Factor Strings
Focused Instruction
Establishing purpose
Learning purpose
 Understand the concepts of factor, multiple, prime
 Understand numbers in terms of relations to other numbers.
Success criteria
 I can identify the factors of a number.
 I can express a number as the product of primes.
 I can identify prime numbers
Language purpose
 Factor,
 Multiple, Product
 Prime, Composite
 Multiplicative identity.
Social purpose
 Exploring
 Organising data
 Knowing when we have finished
 Mathematical wondering
Modelling or demonstrating
Display the chart on the screen. https://drive.google.com/a/maths4eal.net/file/d/1Q6QsznGi9zIdViqrEZ7CO2T6IOZo3U8M/view?usp=drivesdk
Thinking aloud

What do I notice about this chart?

There’s a line connecting 15 and 32.

There’s a line connecting 5, 2, 16 and 3.

I wonder what they have in common?

(Try adding them…

Try multiplying…?

Ah! They both have a product of 480!

I wonder if I can find any other strings with a product of 480.
Guided Instruction
Teacher: answering questions, prompts, cues and direct explanations Conducted in small, purposeful, groups. Ideal time for differentiated engagement between teacher and student. Use “Enabling prompts” from “Participating in the Inquiry” here: https://drive.google.com/drive/folders/1BgqPMiuACNxicbFTVFf67mt_v_e4Iona
Collaborative Learning
(Meaningful collaborative group work)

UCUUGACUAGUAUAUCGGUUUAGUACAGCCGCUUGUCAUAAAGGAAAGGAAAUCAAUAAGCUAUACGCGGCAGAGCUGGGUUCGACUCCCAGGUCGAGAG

Students to work in groups of 3 finding factor strings.
Once all groups have found at least two strings, begin asking students to record ones found on the whiteboard.
Thinking aloud
 When this gets messy and hard to find, pause the class.
 Discuss how we can structure our data better:
 perhaps by length, and ascending order of factor.
 Model good mathematical thinking with “I wonder…” statements:
 I wonder what the shortest string is?
 I wonder what the longest string is?
 How will we know?
 I wonder how many strings there are?
Independent Learning
(Teacher’s role: feedback)
Students move on to individual work. Students can be extended with the prompts:
 What are all the factor pairs for 480? What are all the factors strings that have 3 factors? How do you know you have found them all? What about factor strings that are 4, 5 or 6 numbers long?
Wrap up

When we have found the longest string, how do we know?

What’s true about these factors.

Introduce the idea of the fundamental theorem of arithmetic (in appropriate language):
Any positive integer can be uniquely expressed as the product of primes.
Watch the video
Consolidation
Create Frayer Models of the vocabulary.